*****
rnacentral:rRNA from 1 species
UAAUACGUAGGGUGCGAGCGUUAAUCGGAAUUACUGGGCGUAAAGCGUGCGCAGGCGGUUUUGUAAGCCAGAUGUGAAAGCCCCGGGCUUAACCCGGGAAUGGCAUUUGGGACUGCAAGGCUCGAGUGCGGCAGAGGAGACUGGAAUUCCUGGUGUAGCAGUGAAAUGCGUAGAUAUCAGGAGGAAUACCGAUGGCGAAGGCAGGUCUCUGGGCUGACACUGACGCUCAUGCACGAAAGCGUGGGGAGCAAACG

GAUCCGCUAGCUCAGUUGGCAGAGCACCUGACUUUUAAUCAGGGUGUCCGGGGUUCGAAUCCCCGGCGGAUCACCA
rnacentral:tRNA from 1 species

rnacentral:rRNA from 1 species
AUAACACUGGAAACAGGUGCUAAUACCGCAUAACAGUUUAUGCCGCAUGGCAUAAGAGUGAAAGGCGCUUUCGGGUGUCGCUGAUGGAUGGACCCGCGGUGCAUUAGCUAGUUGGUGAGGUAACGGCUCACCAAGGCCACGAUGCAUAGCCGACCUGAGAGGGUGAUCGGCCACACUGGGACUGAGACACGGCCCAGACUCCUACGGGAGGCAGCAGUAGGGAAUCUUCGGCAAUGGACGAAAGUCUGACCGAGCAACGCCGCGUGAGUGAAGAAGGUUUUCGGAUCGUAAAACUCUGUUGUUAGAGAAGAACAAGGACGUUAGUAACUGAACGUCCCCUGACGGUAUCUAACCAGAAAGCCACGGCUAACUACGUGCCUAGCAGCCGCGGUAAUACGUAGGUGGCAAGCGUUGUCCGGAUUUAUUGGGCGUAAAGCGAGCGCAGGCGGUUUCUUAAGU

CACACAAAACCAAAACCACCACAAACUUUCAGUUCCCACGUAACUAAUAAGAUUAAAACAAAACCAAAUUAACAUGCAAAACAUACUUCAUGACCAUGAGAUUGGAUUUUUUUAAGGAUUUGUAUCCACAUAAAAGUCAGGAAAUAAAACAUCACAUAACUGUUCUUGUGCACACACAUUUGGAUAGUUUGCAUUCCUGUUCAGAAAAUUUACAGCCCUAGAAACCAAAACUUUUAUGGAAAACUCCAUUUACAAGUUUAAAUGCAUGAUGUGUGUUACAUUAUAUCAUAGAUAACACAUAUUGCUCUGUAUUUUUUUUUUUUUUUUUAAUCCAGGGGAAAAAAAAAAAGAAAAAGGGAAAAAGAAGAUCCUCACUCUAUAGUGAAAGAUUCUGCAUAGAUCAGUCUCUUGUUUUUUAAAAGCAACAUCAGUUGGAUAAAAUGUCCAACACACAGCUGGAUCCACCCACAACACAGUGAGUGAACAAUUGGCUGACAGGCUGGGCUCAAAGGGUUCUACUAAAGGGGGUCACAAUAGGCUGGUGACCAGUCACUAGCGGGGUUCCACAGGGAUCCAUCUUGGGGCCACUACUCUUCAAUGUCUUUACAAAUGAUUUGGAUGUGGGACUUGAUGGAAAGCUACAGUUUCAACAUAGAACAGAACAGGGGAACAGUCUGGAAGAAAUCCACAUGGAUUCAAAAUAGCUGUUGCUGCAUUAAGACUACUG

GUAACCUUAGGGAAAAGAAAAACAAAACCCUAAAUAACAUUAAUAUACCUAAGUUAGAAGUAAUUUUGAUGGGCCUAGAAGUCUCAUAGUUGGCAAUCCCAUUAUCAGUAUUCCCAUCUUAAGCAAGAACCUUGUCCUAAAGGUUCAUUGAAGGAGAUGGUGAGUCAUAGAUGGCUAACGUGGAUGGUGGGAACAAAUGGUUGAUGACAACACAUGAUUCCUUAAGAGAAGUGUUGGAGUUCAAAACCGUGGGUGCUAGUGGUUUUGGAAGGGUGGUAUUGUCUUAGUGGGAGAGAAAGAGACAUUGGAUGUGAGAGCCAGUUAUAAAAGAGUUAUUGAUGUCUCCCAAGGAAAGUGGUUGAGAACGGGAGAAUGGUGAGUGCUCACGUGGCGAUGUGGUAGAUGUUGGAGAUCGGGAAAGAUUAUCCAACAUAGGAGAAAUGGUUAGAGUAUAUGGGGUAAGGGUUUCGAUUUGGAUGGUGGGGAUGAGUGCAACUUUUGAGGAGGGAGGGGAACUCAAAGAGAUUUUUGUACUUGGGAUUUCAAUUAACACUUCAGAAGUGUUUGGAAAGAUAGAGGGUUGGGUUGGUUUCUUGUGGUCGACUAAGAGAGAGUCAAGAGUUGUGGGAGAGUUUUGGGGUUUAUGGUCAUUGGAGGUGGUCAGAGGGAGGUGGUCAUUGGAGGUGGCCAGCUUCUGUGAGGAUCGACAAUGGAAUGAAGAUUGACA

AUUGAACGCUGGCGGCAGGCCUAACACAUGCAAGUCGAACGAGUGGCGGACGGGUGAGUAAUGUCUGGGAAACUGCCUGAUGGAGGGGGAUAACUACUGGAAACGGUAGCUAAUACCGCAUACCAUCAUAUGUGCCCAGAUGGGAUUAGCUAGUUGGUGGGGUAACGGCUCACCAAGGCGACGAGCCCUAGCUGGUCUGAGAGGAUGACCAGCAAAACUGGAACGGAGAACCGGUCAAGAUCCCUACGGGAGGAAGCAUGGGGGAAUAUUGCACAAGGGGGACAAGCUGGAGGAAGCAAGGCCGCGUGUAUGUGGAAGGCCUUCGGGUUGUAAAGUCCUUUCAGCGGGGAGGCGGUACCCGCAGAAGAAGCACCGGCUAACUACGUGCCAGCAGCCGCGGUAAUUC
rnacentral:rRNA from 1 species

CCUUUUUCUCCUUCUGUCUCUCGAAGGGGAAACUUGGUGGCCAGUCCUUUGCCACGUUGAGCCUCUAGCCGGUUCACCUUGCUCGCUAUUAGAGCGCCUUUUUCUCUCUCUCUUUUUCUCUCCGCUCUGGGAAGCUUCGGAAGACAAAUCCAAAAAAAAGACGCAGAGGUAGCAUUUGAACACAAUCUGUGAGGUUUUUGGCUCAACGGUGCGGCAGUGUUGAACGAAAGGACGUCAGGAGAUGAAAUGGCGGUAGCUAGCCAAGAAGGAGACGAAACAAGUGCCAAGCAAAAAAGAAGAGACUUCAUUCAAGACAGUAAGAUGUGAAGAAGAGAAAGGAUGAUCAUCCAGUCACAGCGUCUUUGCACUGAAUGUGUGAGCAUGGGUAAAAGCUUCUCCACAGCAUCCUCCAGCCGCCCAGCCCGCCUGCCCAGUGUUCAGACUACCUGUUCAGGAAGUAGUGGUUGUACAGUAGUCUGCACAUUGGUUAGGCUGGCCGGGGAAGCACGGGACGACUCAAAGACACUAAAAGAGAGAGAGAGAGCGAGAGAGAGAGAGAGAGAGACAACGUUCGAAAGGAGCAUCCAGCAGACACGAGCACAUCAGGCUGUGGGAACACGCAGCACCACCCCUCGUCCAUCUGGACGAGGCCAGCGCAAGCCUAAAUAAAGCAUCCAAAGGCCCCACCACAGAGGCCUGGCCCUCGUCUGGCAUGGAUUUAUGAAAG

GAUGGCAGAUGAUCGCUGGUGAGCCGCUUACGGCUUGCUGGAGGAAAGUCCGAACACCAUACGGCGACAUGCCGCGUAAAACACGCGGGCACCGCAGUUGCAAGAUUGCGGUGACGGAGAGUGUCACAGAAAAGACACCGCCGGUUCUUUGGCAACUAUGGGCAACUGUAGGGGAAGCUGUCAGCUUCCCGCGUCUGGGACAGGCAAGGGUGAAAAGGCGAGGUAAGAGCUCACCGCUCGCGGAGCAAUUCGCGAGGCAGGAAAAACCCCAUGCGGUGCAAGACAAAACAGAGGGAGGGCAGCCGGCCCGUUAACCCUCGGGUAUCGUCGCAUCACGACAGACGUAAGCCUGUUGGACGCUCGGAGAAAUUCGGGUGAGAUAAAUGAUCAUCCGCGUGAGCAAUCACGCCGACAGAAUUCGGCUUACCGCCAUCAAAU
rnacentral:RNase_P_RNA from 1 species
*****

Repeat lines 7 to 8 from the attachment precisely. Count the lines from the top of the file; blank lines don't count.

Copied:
CACACAAAACCAAAACCACCACAAACUUUCAGUUCCCACGUAACUAAUAAGAUUAAAACAAAACCAAAUUAACAUGCAAAACAUACUUCAUGACCAUGAGAUUGGAUUUUUUUAAGGAUUUGUAUCCACAUAAAAGUCAGGAAAUAAAACAUCACAUAACUGUUCUUGUGCACACACAUUUGGAUAGUUUGCAUUCCUGUUCAGAAAAUUUACAGCCCUAGAAACCAAAACUUUUAUGGAAAACUCCAUUUACAAGUUUAAAUGCAUGAUGUGUGUUACAUUAUAUCAUAGAUAACACAUAUUGCUCUGUAUUUUUUUUUUUUUUUUUAAUCCAGGGGAAAAAAAAAAAGAAAAAGGGAAAAAGAAGAUCCUCACUCUAUAGUGAAAGAUUCUGCAUAGAUCAGUCUCUUGUUUUUUAAAAGCAACAUCAGUUGGAUAAAAUGUCCAACACACAGCUGGAUCCACCCACAACACAGUGAGUGAACAAUUGGCUGACAGGCUGGGCUCAAAGGGUUCUACUAAAGGGGGUCACAAUAGGCUGGUGACCAGUCACUAGCGGGGUUCCACAGGGAUCCAUCUUGGGGCCACUACUCUUCAAUGUCUUUACAAAUGAUUUGGAUGUGGGACUUGAUGGAAAGCUACAGUUUCAACAUAGAACAGAACAGGGGAACAGUCUGGAAGAAAUCCACAUGGAUUCAAAAUAGCUGUUGCUGCAUUAAGACUACUG

GUAACCUUAGGGAAAAGAAAAACAAAACCCUAAAUAACAUUAAUAUACCUAAGUUAGAAGUAAUUUUGAUGGGCCUAGAAGUCUCAUAGUUGGCAAUCCCAUUAUCAGUAUUCCCAUCUUAAGCAAGAACCUUGUCCUAAAGGUUCAUUGAAGGAGAUGGUGAGUCAUAGAUGGCUAACGUGGAUGGUGGGAACAAAUGGUUGAUGACAACACAUGAUUCCUUAAGAGAAGUGUUGGAGUUCAAAACCGUGGGUGCUAGUGGUUUUGGAAGGGUGGUAUUGUCUUAGUGGGAGAGAAAGAGACAUUGGAUGUGAGAGCCAGUUAUAAAAGAGUUAUUGAUGUCUCCCAAGGAAAGUGGUUGAGAACGGGAGAAUGGUGAGUGCUCACGUGGCGAUGUGGUAGAUGUUGGAGAUCGGGAAAGAUUAUCCAACAUAGGAGAAAUGGUUAGAGUAUAUGGGGUAAGGGUUUCGAUUUGGAUGGUGGGGAUGAGUGCAACUUUUGAGGAGGGAGGGGAACUCAAAGAGAUUUUUGUACUUGGGAUUUCAAUUAACACUUCAGAAGUGUUUGGAAAGAUAGAGGGUUGGGUUGGUUUCUUGUGGUCGACUAAGAGAGAGUCAAGAGUUGUGGGAGAGUUUUGGGGUUUAUGGUCAUUGGAGGUGGUCAGAGGGAGGUGGUCAUUGGAGGUGGCCAGCUUCUGUGAGGAUCGACAAUGGAAUGAAGAUUGACA